A burial of a woman associated with the hunter-gatherer Toalean culture dating to 7,000 years ago has yielded DNA that has provided rare insight into early migrations in and through the region.[26][27]

Cave art

In October 2014, it was announced that cave paintings in Maros had been dated as being approximately 40,000 years old. One of a hand was 39,900 years old,[28] which brings it among the oldest known hand stencils in the world (the record is detained so far by a 64,000 years-old stencil hand made by a Neanderthal in Maltravieso cave, Cáceres, Spain).[28]

Stencils of right hands in Pettakere Cave in Maros are among the oldest known examples of human artwork

Dr. Maxime Aubert, of Griffith University in Queensland, Australia, said that was the minimum age for the outline in Pettakere Cave in Maros, and added: "Next to it is a pig that has a minimum age of 35,400 years old, and this is one of the oldest figurative depictions in the world, if not the oldest one."[29]

On 11 December 2019, a team of researchers led by Dr. Maxime Aubert announced the discovery of the oldest hunting scenes in prehistoric art in the world that is more than 44,000 years old from the limestone cave of Leang Bulu' Sipong 4. Archaeologists determined the age of the depiction of hunting a pig and buffalo thanks to the calcite 'popcorn', different isotope levels of radioactive uranium and thorium.[30][31][32]

In March 2020, two small stone 'plaquettes' were found by Griffith University archaeologists in the Leang Bulu Bettue cave, dated to a time between 26,000 and 14,000 years ago.[33] While one of the stones contained an anoa (water buffalo) and what may be a flower, star, or eye, another depicted astronomic rays of light.[34][35][36]

In January 2021, archaeologists announced the discovery of cave art that is at least 45,500 years old in a Leang Tedongnge cave. According to the journal Science Advances, the cave painting of a warty pig is the earliest evidence of human settlement of the region. An adult male pig, measuring 136 cm x 54 cm and what is likely a Sulawesi or Celebes warty pig (Sus celebensis), was depicted with horn-like facial warts and two hand prints above its hindquarters.[37] According to co-author Adam Brumm, there are two other pigs that are partly preserved and it appears the warty pig was observing a fight between the two other pigs.[38][39][40][41]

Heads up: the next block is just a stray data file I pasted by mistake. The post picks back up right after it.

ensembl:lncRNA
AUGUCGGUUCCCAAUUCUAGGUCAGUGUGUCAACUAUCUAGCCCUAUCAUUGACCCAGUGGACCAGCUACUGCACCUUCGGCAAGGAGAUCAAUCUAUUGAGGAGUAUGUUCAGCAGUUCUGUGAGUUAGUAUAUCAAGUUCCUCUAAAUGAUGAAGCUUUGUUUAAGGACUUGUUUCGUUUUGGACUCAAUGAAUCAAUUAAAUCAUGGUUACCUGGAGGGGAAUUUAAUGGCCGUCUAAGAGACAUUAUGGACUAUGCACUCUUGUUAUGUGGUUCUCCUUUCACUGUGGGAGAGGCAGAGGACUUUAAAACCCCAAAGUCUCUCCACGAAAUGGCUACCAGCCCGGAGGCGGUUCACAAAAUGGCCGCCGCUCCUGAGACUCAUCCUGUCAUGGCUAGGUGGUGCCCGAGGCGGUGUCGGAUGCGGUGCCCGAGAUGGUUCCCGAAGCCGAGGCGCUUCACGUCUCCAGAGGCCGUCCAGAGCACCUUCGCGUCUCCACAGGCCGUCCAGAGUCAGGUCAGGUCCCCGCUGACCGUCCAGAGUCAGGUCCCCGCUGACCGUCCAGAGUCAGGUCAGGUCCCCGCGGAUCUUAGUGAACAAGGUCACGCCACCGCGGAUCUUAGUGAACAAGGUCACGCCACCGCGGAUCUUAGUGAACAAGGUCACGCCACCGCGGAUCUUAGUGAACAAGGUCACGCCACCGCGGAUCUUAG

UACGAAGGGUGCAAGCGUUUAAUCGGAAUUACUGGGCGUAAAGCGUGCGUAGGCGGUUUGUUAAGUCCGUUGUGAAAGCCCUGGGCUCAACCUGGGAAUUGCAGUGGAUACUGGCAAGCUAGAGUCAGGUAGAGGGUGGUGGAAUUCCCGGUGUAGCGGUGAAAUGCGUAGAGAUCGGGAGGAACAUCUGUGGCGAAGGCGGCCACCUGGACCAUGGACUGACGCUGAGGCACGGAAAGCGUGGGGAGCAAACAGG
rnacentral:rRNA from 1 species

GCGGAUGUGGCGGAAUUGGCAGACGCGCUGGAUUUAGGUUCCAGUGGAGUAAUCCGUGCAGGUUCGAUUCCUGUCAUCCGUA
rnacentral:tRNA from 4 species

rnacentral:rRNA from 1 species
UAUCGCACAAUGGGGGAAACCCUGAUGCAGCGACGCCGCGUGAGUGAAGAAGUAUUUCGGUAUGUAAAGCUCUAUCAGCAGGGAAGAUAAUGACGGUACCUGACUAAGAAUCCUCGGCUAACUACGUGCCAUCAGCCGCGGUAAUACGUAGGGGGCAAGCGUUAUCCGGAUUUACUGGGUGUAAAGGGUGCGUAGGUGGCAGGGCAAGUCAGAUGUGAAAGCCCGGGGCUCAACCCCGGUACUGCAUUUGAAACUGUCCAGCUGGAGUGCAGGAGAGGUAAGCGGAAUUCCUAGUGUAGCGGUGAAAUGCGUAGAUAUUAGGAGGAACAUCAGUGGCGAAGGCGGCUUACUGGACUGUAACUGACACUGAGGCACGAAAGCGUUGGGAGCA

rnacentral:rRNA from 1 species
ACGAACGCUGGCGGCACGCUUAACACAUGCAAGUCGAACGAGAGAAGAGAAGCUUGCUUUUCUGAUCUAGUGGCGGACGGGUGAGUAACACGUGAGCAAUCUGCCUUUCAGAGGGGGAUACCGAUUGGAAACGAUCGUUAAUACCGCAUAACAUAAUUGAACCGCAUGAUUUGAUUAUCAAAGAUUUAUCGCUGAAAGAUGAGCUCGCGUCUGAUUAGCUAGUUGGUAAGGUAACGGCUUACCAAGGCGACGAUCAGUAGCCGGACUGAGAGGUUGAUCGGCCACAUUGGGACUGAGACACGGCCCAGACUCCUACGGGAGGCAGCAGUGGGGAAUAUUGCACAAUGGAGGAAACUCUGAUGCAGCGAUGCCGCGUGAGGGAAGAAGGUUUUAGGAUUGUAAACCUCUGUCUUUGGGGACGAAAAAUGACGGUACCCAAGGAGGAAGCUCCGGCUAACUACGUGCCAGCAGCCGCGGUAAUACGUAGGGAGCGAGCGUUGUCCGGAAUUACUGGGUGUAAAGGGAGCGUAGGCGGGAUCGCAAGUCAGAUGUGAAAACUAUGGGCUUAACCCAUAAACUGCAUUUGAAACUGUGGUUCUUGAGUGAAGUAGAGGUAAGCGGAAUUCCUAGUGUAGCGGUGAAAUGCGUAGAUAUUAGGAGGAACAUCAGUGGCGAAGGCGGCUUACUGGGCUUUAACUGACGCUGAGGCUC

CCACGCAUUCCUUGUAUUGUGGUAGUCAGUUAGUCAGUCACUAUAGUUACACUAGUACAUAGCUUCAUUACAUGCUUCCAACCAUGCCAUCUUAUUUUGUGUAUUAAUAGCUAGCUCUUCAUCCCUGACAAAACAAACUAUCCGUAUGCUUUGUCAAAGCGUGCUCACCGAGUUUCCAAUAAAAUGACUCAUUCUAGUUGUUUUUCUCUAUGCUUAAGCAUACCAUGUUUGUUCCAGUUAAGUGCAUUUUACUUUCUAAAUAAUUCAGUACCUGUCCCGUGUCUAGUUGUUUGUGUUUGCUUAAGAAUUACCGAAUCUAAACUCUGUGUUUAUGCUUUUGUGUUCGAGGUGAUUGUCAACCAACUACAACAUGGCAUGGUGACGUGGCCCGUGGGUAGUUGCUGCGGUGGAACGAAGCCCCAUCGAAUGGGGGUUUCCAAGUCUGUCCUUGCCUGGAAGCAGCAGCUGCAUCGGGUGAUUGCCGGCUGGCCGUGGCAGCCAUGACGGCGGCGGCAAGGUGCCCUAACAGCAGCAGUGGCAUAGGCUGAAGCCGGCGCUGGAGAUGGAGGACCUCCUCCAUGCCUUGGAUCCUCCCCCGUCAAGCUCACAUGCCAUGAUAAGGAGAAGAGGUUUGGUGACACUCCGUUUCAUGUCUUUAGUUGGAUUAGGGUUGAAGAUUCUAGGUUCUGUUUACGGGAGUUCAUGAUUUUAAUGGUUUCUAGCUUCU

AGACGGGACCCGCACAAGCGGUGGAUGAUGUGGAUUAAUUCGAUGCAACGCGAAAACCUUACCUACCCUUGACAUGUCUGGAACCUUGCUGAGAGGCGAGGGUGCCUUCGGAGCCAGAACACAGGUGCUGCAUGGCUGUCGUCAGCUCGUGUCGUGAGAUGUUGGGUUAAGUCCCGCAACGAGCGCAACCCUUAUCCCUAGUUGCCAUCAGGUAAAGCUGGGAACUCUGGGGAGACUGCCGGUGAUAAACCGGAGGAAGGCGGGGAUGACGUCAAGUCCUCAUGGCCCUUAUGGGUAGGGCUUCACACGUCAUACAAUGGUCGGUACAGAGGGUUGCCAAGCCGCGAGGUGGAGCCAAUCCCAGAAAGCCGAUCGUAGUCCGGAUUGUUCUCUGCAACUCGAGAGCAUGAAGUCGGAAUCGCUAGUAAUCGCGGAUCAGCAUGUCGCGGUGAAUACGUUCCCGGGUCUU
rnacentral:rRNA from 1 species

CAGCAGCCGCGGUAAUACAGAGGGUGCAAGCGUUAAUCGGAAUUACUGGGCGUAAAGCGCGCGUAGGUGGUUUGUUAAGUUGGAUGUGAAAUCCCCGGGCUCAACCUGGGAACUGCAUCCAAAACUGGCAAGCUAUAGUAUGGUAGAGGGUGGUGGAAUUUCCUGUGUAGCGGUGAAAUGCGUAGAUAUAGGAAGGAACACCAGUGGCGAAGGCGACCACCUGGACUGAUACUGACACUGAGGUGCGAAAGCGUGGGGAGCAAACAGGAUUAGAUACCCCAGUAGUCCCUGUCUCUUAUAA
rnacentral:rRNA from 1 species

Local chief (1872)

A bronze Amaravathi statue was discovered at Sikendeng, South Sulawesi near Karama river in 1921 which was dated to 2nd–7th century AD by Bosch (1933).[42] In 1975, small locally made Buddhist statues from 10th-11th century were also discovered in Bontoharu, on the island of Selayar, South Sulawesi.[43]

Starting in the 13th century, access to prestige trade goods and to sources of iron started to alter long-standing cultural patterns and to permit ambitious individuals to build larger political units. It is not known why these two ingredients appeared together; one was perhaps the product of the other.

In 1367, several identified polities located on the island were mentioned in the Javanese manuscript Nagarakretagama dated from the Majapahit period. Canto 14 mentioned polities including Gowa, Makassar, Luwu and Banggai. It seems that by the 14th century, polities in the island were connected in an archipelagic maritime trading network, centered in the Majapahit port in East Java. By 1400, a number of nascent agricultural principalities had arisen in the western Cenrana valley, as well as on the south coast and on the west coast near modern Parepare.[44]

The first Europeans to visit the island (which they believed to be an archipelago due to its contorted shape) were the Portuguese sailors Simão de Abreu in 1523, and Gomes de Sequeira (among others) in 1525, sent from the Moluccas in search of gold, which the islands had the reputation of producing.[45][46] A Portuguese base was installed in Makassar in the first decades of the 16th century, lasting until 1665, when it was taken by the Dutch. The Dutch had arrived in Sulawesi in 1605 and were quickly followed by the English, who established a factory in Makassar.[47] From 1660, the Dutch were at war with Gowa, the major Makassar west coast power. In 1669, Admiral Speelman forced the ruler, Sultan Hasanuddin, to sign the Treaty of Bongaya, which handed control of trade to the Dutch East India Company. The Dutch were aided in their conquest by the Bugis warlord Arung Palakka, ruler of the Bugis kingdom of Bone. The Dutch built a fort at Ujung Pandang, while Arung Palakka became the regional overlord and Bone the dominant kingdom. Political and cultural development seems to have slowed as a result of the status quo.